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Big Beverage vs. A Big Health Problem
Recently New York City Mayor Michael Bloomberg proposed an amendment to the city’s health code that would prohibit the sale of sugary soft drinks in containers larger than 16 oz. in New York restaurants, movie houses, sports stadiums and other public facilities.
Under the proposed change, if you need to drink more than 16 oz. of soda, you’ll simply have to deal with the inconvenience of getting up and buying another bottle. It is hoped that this extra effort might slow overconsumption of these empty, non-nutritional liquid calories.
The Mayor’s initiative follows an earlier, and unsuccessful, attempt to place a special tax on sugary soft drinks, as a way to make New Yorkers more mindful of the adverse health consequences (e.g., obesity and diabetes) of drinking too many sugary beverages. That effort was blocked in New York and other states by intense lobbying by trade groups such as the American Beverage Association.(1)
Bloomberg’s new health code proposal cleverly avoids the need to propose and pass a new tax. With U.S. rates for type 2 diabetes and obesity rising to epidemic levels, the mayor’s action, from a public health perspective, makes sense. But will the mayor be able to overcome the expected and predictable blowback from the beverage makers and other large food companies who will undoubtedly claim that their brands and their inherent right to maximize profits with large portions and containers are being unconstitutionally threatened?
The fact is we have been here before. Alcohol and cigarettes are, like sugary beverages, health-threatening substances that have as many fans as detractors and powerful business interests with deep pockets and political muscle.
America, The Land of the Big, The Home of the Obese
The problem is Americans have always loved big. We’ve created giant industrial enterprises that made chemicals, steel, refined oil, built transcontinental railroads and highways, mass-produced automobiles and airplanes that carried people to far way lands. We were known and admired for our big cars and big universities and big ideas. From Super Bowls to Big Macs, to 64-oz containers and Grand Mocha Lattes, Coca Cola, PepsiCo, Dunkin’ Donuts, Starbucks and other food companies have each capitalized on the “big” fixation encoded in the American DNA.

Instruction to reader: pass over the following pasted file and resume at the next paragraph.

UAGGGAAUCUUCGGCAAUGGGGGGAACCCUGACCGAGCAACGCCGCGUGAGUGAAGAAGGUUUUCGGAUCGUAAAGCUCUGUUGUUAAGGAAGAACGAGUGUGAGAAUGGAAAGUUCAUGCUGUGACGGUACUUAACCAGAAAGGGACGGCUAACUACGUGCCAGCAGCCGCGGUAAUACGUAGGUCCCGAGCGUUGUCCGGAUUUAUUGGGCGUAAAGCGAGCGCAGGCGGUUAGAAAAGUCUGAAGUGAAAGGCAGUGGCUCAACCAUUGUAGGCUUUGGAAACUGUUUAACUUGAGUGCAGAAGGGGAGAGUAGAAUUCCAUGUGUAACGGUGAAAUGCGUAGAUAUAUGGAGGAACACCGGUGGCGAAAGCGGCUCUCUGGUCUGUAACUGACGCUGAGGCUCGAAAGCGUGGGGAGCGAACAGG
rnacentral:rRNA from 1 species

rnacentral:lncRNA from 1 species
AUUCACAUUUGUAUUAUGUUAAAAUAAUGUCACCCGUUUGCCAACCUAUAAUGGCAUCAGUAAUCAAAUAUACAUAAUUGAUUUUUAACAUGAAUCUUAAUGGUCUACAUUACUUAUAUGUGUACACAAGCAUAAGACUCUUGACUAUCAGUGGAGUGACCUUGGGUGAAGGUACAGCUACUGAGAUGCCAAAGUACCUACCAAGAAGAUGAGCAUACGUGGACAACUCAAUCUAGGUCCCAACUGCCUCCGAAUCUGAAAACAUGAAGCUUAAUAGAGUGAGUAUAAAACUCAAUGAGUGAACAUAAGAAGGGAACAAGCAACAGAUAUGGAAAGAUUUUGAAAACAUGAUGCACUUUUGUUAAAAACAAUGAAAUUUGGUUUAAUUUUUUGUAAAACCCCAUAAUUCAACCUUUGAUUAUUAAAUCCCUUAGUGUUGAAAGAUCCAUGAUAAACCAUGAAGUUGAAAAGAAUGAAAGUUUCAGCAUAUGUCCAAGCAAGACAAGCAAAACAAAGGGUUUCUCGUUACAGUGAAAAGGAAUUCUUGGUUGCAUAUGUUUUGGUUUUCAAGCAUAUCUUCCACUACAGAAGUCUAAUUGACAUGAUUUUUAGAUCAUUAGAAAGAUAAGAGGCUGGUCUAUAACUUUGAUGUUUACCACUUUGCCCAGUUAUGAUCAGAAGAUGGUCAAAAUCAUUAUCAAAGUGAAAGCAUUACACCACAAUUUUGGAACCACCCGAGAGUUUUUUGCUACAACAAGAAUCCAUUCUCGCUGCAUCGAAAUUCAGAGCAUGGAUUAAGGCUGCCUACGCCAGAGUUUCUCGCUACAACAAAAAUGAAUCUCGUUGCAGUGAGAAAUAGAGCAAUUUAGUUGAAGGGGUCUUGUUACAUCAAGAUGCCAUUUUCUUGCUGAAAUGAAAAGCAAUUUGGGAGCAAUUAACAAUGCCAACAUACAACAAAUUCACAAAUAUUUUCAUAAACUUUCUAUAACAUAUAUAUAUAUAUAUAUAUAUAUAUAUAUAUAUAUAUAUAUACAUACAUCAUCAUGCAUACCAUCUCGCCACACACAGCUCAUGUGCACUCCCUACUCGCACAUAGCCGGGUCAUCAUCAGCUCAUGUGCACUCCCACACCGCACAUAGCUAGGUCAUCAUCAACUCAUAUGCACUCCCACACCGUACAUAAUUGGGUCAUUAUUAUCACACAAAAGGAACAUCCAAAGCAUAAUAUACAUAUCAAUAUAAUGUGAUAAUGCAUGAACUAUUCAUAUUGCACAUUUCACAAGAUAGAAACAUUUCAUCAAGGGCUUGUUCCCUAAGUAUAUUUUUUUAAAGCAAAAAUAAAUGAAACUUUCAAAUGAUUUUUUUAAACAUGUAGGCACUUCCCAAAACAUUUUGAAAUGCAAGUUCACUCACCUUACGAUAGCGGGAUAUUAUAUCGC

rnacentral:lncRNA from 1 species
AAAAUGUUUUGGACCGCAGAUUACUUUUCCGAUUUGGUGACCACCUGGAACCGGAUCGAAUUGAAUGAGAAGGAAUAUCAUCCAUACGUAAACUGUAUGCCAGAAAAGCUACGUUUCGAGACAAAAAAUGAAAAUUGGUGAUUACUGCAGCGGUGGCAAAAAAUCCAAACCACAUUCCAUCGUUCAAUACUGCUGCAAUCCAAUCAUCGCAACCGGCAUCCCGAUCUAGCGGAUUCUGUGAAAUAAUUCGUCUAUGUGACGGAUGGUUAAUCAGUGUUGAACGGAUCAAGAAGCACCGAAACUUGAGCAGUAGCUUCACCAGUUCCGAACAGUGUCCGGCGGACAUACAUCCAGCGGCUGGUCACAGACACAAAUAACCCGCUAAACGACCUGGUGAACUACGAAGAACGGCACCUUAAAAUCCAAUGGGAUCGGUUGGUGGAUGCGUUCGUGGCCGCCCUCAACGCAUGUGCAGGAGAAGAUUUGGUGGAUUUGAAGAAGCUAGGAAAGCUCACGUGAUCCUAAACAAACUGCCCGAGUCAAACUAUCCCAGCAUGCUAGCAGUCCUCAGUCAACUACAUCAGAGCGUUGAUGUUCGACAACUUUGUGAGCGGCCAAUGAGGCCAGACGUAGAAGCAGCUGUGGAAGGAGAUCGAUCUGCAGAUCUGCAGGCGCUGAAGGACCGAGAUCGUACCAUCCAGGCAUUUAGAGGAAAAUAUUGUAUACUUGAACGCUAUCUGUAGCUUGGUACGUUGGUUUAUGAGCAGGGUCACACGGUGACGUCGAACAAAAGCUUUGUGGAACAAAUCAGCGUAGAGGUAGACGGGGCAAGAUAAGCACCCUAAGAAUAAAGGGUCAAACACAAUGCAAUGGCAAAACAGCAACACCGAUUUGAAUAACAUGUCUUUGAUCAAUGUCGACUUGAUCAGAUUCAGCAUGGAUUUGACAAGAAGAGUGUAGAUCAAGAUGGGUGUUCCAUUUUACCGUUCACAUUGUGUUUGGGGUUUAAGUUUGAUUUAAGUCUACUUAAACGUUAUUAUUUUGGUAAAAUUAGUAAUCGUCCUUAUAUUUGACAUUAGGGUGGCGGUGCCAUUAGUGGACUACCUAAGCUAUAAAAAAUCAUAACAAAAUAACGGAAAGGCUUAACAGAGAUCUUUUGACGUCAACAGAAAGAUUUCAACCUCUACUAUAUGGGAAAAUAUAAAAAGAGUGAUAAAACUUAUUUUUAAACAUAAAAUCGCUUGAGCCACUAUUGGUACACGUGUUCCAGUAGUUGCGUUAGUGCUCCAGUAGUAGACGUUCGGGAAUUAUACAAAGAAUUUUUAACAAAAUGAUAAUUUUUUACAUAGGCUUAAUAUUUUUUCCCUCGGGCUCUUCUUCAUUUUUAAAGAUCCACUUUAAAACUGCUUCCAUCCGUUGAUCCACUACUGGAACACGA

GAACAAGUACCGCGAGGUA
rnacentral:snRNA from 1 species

The downside of American devotion to “big” is that we eat too much and drink too many calorie-loaded beverages, often because the servings are larger than they need to be to satisfy hunger or thirst. As a consequence, many Americans are obese, and many suffer from type 2 diabetes.
Among major nations, current data from the World Health Organization ranks the U.S. first in the percentage of adults who are obese (33.9%).(2) By comparison, the obesity rate for adult Mexicans is 23.6% and for Canadians 22.9%, almost one-third less than the rate for their North American neighbor.
In 2010, 12.3% of Americans between the ages of 20 and 79 had type 2 diabetes. Though China and India have the highest number of citizens with type 2 diabetes, the U.S. with a much smaller population is in third place.(3) The rate is expected to surge to 14.0% by 2030.(4) Because China and India have substantially lower adult obesity rates, 2.4% and 1.3% respectively,(5) the U.S. can expect to hold onto its dubious obesity first place ranking for the foreseeable future unless we change our nutritional habits.
Can Public Health Officials Protect Us From Big Gulps?
The basic conflict American public health officials face is that large multinational food and beverage companies, many of them U.S.-based, despite their prominent and deliberately well-publicized support for the public health through various forums, alliances and foundations, make and sell products that are not especially healthy.
The top ten beverage companies, for example, captured “52.3% of sales worldwide; Coca-Cola and PepsiCo lead with 25.9% and 11.5% of sales, respectively.”(6) Though Coca-Cola owns Minute Maid orange juice and PepsiCo’s brands include Tropicana orange juice and Quaker Oats cereals, their primary products (Coke and Pepsi) are the drivers of corporate profit and the leading examples of sugary beverages with empty, non-nutritional calories.
These companies are expert marketers and promoters, with armies of lawyers and public relations consultants. They have the clear ability, and goal, as a matter of corporate survival, to stifle all meaningful efforts to restrain and restrict their brands. The practical challenge, then, for governmental health professionals is to find a path that protects the public and doesn’t unduly interfere with corporate strategies and profits. What, then, can be done to address this challenge?